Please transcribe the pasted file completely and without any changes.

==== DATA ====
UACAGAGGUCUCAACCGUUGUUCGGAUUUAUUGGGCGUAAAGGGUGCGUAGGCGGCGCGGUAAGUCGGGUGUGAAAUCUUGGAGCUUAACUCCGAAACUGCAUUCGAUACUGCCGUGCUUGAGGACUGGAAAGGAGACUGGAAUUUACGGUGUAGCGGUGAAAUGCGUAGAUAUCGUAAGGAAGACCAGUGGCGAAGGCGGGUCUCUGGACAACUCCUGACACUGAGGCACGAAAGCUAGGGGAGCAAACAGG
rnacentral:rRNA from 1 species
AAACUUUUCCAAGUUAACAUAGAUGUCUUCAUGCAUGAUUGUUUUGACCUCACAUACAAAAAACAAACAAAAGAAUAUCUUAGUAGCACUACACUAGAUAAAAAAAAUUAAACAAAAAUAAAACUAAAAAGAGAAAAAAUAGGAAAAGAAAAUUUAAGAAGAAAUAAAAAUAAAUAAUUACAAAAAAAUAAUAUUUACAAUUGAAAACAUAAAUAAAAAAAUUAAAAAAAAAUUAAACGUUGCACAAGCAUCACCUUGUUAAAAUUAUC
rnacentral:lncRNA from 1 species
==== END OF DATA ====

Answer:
UACAGAGGUCUCAACCGUUGUUCGGAUUUAUUGGGCGUAAAGGGUGCGUAGGCGGCGCGGUAAGUCGGGUGUGAAAUCUUGGAGCUUAACUCCGAAACUGCAUUCGAUACUGCCGUGCUUGAGGACUGGAAAGGAGACUGGAAUUUACGGUGUAGCGGUGAAAUGCGUAGAUAUCGUAAGGAAGACCAGUGGCGAAGGCGGGUCUCUGGACAACUCCUGACACUGAGGCACGAAAGCUAGGGGAGCAAACAGG
rnacentral:rRNA from 1 species
AAACUUUUCCAAGUUAACAUAGAUGUCUUCAUGCAUGAUUGUUUUGACCUCACAUACAAAAAACAAACAAAAGAAUAUCUUAGUAGCACUACACUAGAUAAAAAAAAUUAAACAAAAAUAAAACUAAAAAGAGAAAAAAUAGGAAAAGAAAAUUUAAGAAGAAAUAAAAAUAAAUAAUUACAAAAAAAUAAUAUUUACAAUUGAAAACAUAAAUAAAAAAAUUAAAAAAAAAUUAAACGUUGCACAAGCAUCACCUUGUUAAAAUUAUC
rnacentral:lncRNA from 1 species